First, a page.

5. Use them as your reference librarian. My AL GM rarely has to look anything up, because I've already got the book open to the page they want. Again, we've ticked up some quick task-switching and tactile engagement, search-and-find simplicity, all hopefully making your life easier. Again, there's some self-control needed here: I always lay it out there for my GM without saying a word, and just close it up and put it away if he doesn't reach for it.

At this point, btw, we should also have solved the "I have to tell him the scene four times" and "he's on the phone" problems. He's likely on the phone because passively listening to something cannot occupy his attention. But "listen and jot the name and one-line description of every NPC, occasionally flipping to a little-used spell's description" may just be the sweet spot for attention and engagement.

  1. Choose (your seat) wisely. You're in a super-distracting environment. Pick a corner/side table if you can. It may be tempting to seat this player with their back to the room--resist that. Seat them by the wall, facing everything. IME the visual distractions aren't the problem as much as the conversations at other tables. It's much easier to avert your eyes than it is to avert your ears. This, of course, helps your other players, too. At an AL location with more than two tables or multiple events going on, everyone's working overtime to filter stimuli. This also probably requires someone--likely you--to be good abut getting there on the early side. That's your talk-with-the-tough-player time: ask them to also come on the early side.

  2. Schedule breaks. I don't know about your AL, but my sessions often run three-plus hours. I have a player at one site who really cannot sit for more than twenty minutes--your player may be in the same boat. (By the way, it's probably undesirable for all the other players, too.) Announcing and maintaining a practice of drink-break 1.5 hrs in, bio-break 2.5 hrs in can do a lot. If nothing else, it means that during those two times the player's up-and-about they're not missing new activity. But it's not nothing: knowing that there's a scheduled break at minute 90 can make it much easier not to jump out of one's seat during minutes 70-110.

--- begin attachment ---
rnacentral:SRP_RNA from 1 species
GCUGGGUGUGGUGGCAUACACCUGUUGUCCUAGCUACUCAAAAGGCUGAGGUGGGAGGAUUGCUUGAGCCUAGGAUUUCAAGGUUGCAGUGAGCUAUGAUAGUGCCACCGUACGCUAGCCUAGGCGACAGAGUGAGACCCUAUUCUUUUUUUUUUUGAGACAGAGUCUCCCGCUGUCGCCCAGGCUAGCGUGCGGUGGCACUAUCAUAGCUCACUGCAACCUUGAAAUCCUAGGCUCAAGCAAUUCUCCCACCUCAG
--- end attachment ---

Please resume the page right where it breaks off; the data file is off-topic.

3. Discuss length of scenes, beforehand if possible. "We're heading into a town you've never seen. Do you want to RP the getting-to-know-you-parts for the next half hour, or do you want to approach it some other way?" When your table's decided, you follow that decision. This way your player(s) who might have trouble focusing during those scenes have advance warning and they can bring their attention-management resources to bear.

  4. Get in a habit of declaring intent when heading into a scene. A scene where the table's said "we're trying to buy access to the royal ball" does not sound like a good fit for some random-seeming blurted out idea coming from left field. But the scene "let's head to the docks and see what adventure we can roust" is a nice fit for a wild cannon. Get your table into the habit of declaring intent ahead of time, and thus let this (and all) players know when which playstyles are going to be appropriate or not. P.S. knowing your players' intent makes things much easier for you.

  5. Give them explicit warnings. During some of your conversations be perfectly frank with them: "I can't have you disrupting play, it's my responsibility to make sure everyone gets a good experience. I will ask you to leave if I need to. But here's the other half of the deal: I'll let you know if that's coming. If it seems to me that you're disturbing someone else I'll tell you with a note. And I'll tell you if it happens again. And then I'll tell you to leave. And I won't hold a grudge." This, of course, is a fair way to treat any player. Discuss it with your site coordinator: they've got your back.

Final thoughts:

  • You mention fudging rolls/cheating. It's hard to see how that would stem directly from ADHD, so I didn't really address it. I feel like it needs to be addressed independently, though to the extent that it might stem from boredom/frustration the above might help. This needs more-targeted intervention--the kind you'll find wisdom for if you look at question on cheating.
  • You mention misusing class features. I've got a severe ADHD player in one group who regularly claims they've got features and spells five or ten levels out of reach. I simply say "no you don't," hand them the PHB open to the correct page, and skip over their turn in combat until they present an action which is within their character's abilities. (I check back quickly at the end of each other player's turn.) To be clear: this isn't a player trying to cheat, this is a player who--I think--had never read a paragraph of the class description front-to-back before we started.
  • This player might be able to play in Adventurers League, they may not. No matter whether you help this player develop these skills or they end up getting perma-banned by the site coordinator, I think you'll end up the better for the effort. Keep up the good work.